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A Better Way to Teach Spelling

Learn how to use phonics, blending, and segmenting to help your child become a confident speller.

No matter how long it’s been since you were in elementary school, you probably remember the drama of weekly spelling tests.

On Mondays, you got a list of 10-20 new spelling words. Throughout the week (or, let’s be honest, on Thursday after dinner) you practiced spelling those words over and over and over until you finally had them memorized. On Friday, you took the test… and then started all over again with a new set of words on Monday.

If you’re not a great speller as an adult, you might recognize that learning how to spell through memorizing words is about as helpful as learning how to read by memorizing sight words. It’s a shortcut, not a strategy.

So, let’s try a better way to offer our kids spelling help.

How to Teach Spelling Step 1: Test the letter sounds. 

If your child doesn’t know what sound a letter makes when they see it, they can’t use that letter to correctly spell the word they’re hearing.

So before you start with your spelling lessons, go back to the basics and assess your kid’s phonetic skills: how many letter sounds your child can recognize. 

Flashcards make it easy to run through the letters quickly, so you can determine what sounds your child knows so far. Start your spelling lessons with words that use primarily those sounds. If there are letter sounds they’re still working on, include words in your spelling lesson that use those letters, too. Just be sure to strike a good balance so they (and you) don’t get discouraged.

Here’s another way to assess what sounds they struggle with: Ask your child to write a list of words, starting simple and getting progressively more difficult. Your goal is to assess their spelling mistakes so you know which sounds are hardest for them to get down on paper. 

For example, if you ask them to write pet and they write pat, your kid might be struggling with short vowel sounds. Like the difference between /a/ and /e/ sounds! 

If your child is solid on individual letter sounds, you can test their knowledge of advanced phonics sounds. For example, do they know the letters that represent sounds like "SH" in shop and cash? 

Head over here for more reading assessment tips.

How to Teach Spelling Step 2: Determine how many sounds they can hear. 

Figure out how many letter sounds your child can hear in a word. It’s the same principle as Step 1: If your child can’t hear every sound in a word, they can’t write every sound!

Start with two-sound words (or made-up words) like ot, if, and on. Then, move on to three-sound words like cup, dog, and bean. If they’ve really grasped the concept, you can try four-sound words like crab, lamp, and drop. 

Again, this helps to assess what your little one already knows, what they’re working on, and what you should expose them to in your next spelling lesson. 

How to Teach Spelling Step 3: Practice.

In this approach, practice does not look like writing words over and over and over. Instead:

  1. Choose a word that has the letter sounds and number of sounds that’s appropriate for your child. (You assessed this in Step 1 and Step 2.) 
  1. Say the word to your child and have them say it back to you. It helps to have them physically identify the sounds as they go, like this...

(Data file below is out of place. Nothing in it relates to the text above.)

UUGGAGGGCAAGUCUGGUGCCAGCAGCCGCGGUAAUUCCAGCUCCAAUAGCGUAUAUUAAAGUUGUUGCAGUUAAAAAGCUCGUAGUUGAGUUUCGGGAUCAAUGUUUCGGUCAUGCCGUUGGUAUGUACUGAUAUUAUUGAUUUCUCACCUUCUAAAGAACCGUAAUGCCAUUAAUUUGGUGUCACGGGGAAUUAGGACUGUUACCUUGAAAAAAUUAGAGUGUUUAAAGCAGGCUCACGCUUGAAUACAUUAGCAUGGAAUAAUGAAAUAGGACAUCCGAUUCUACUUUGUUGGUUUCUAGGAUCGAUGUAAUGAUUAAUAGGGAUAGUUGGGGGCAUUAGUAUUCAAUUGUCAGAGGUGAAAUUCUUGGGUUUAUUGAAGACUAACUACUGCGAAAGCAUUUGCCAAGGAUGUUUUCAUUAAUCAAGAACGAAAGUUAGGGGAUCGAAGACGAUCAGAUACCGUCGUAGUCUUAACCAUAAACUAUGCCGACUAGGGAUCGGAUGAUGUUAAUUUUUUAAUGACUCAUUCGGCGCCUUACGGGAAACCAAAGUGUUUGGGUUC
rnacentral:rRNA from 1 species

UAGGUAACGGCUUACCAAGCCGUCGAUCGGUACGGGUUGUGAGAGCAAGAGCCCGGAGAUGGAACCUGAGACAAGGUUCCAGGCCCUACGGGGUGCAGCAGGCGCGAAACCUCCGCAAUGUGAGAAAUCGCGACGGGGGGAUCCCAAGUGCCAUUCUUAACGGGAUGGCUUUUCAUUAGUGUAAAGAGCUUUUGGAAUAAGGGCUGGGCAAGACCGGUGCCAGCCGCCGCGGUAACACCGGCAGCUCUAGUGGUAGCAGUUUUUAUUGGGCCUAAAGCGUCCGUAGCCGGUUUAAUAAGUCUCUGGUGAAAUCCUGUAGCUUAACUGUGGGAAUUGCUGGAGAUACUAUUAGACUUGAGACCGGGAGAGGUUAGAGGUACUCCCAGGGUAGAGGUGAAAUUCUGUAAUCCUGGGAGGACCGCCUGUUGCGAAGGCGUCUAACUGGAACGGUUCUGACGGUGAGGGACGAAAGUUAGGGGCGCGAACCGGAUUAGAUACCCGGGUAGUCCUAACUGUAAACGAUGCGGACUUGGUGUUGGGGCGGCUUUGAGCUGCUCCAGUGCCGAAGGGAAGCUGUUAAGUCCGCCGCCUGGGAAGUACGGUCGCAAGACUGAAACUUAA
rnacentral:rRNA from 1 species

@toddlerscanread This little trick goes a long way in helping your little one with their spelling words. I have a spelling cheat sheet with all these steps and more written down for you. #spellingtest #spellingwords #phonics #toddlerscanread #allkidscanread #scienceofreading ♬ original sound - toddlerscanread
  1. Have your child sound out the word first, identifying how many and what sounds they hear. Listen to them say it several times to make sure that foundational skill is covered. Listen and correct as needed. Don’t move on to spelling until they’ve grasped the correct letter sounds. 
  1. Watch your child write the word, and ask them to say each letter sound out loud as they write it.
  1. Ask your child to read the word back to you. 

(This is all in my Spelling Cheat Sheet. It’s free to download here.)

Pro Tips to Develop Spelling Champs

Be patient. 

You and your child are learning together. They’re learning how to read and spell, and you’re learning how to teach! So be patient with yourself and your child. 

That also means trying not to fix everything at once. If there are multiple letter sounds your kid struggles to get down on paper, choose just a couple to focus on this time. Maybe in the next lesson, they’ll be ready to move on to another letter sound or phonics pattern. Take your time and go at their speed. 

Allow your child to struggle. 

Frustration is bound to happen. And in those tense moments, it can feel easier to just jump in and model sounds or spelling for your child. But that quickly slips back into the old memorize-and-you’ll-be-fine-(hopefully) model of teaching spelling. 

Your child has to practice and come to their own learning at their own pace. When you give them a chance to figure it out on their own, they’re more likely to remember what they’ve learned. And they’ll be so proud of themselves!

Remain consistent and present. 

Your 1:1 time with your child is special. You can give them words to practice that target their specific needs and that don’t rely on outdated spelling practices. Practice doesn’t have to take a lot of time. It’s consistent, frequent, intentional practice that makes all the difference. 

You’ve got this. 

Learning how to spell can feel really hard, but you and your child can do it together. 

It all begins with basic phonics concepts, which I teach in my free Beginning Reading Workshop. Join the thousands of parents who’ve helped their little ones grow their confidence in reading and spelling. Take the workshop today.

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